By Joel A. Hess –
Since seminary, I have been told by seasoned pastors and “expert” first timers that pastoring is a tough, thankless job. They encouraged me to set boundaries so I don’t get lost in the work and forget about myself and my family. They scared me stiff, perhaps hoping I would not be overwhelmed by surprise when I went out on the front lines. The dark forecast was cast with even more doom and gloom for my wife. At seminary, there were groups for pastor’s wives that met like AA, all bellowing, “Nobody knows the troubles I’ve seen…”
This chorus of martyred voices continues to shower the blogosphere with sundry titles all along the line of “A Confession of a Pastor’s wife.” Then, of course, there are the organizations serving the hurting pastor and his wife, offering respite and healing. And finally, I am regularly reminded of all the pastors who do not have calls because their former churches threw them out.
Now, I am not arguing that pastors and their wives have it easy or that we don’t need help and compassion by others. Oh Lord, we do! Just stop the whining. Everyone in our congregations has it tough! Very few have job security. Most of our people work more than forty hours a week and work on weekends. Many wives in our churches have left their families to follow their husbands to places they did not want to go. Many of our members pay for their own health insurance, if they even have it, and fret about retirement.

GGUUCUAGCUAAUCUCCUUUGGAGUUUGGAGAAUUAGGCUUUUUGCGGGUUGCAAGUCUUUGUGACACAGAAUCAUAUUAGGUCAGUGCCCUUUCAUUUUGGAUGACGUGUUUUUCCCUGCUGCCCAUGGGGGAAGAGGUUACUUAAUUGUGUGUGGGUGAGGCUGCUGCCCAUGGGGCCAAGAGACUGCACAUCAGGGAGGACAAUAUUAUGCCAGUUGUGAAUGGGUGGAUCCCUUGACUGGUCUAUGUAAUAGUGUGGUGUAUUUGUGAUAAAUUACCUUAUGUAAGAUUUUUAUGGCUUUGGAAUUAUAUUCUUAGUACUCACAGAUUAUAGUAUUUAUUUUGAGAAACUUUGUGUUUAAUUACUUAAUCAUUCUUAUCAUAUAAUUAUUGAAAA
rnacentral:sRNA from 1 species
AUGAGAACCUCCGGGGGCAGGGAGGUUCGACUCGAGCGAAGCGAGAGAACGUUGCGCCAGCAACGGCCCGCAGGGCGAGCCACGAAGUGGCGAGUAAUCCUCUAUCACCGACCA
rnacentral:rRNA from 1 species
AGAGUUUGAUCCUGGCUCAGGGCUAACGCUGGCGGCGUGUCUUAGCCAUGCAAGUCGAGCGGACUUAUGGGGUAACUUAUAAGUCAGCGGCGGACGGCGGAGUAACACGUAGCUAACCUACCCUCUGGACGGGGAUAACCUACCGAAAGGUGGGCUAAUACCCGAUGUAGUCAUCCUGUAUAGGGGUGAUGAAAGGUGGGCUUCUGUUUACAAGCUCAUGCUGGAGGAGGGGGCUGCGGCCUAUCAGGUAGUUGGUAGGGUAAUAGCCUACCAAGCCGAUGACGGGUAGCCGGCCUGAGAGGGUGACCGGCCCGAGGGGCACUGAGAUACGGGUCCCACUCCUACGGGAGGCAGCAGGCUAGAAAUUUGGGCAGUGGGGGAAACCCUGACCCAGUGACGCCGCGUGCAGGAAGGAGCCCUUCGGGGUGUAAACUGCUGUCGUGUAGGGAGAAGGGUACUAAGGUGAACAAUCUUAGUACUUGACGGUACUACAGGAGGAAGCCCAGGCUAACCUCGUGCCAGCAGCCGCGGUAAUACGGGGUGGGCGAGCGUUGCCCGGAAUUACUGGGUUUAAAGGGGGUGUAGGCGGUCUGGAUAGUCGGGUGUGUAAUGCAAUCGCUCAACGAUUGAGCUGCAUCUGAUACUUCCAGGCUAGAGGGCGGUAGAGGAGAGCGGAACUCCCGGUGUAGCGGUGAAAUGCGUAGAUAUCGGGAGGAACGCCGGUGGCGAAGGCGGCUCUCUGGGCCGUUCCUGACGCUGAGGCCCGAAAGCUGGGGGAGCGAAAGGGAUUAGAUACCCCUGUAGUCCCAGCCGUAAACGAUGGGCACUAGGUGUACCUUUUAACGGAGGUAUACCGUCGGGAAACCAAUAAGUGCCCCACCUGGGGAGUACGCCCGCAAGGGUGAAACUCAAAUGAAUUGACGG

Certainly, there are occasions in which a pastor is thrown out in an unjust and unbiblical way. However, I have met far too many pastors who probably deserved it. They are not martyrs, and they are not without a call because they were preaching the truth to remnant. Worse than pastors who brag about their numbers are pastors who brag about their low numbers. Herr Pfarrer—You are no Elijah. Yes, there are some terrible situations out there, but I have encountered too many guys who, for whatever reason, are very poor pastors. Quite frankly, I have seen far too many instances of congregations irrationally putting up with their pastor’s asinine behavior! Their situation reminds me of beaten wives who tell the police and their friends, “But I love him. He won’t do it again!”
There is definitely pain and suffering that accompanies the shepherd and the shepherd’s wife. We all need prayers, let alone the Word of God, confession, and Christ’s holy body and blood! And for sure, sometimes we need it bad. Let’s just stop crying and speaking about it as if somehow the pastor’s struggles are heavier than other vocations. May the Good Shepherd continue to pick us up, dry our tears, and lead us on toward those green pastures!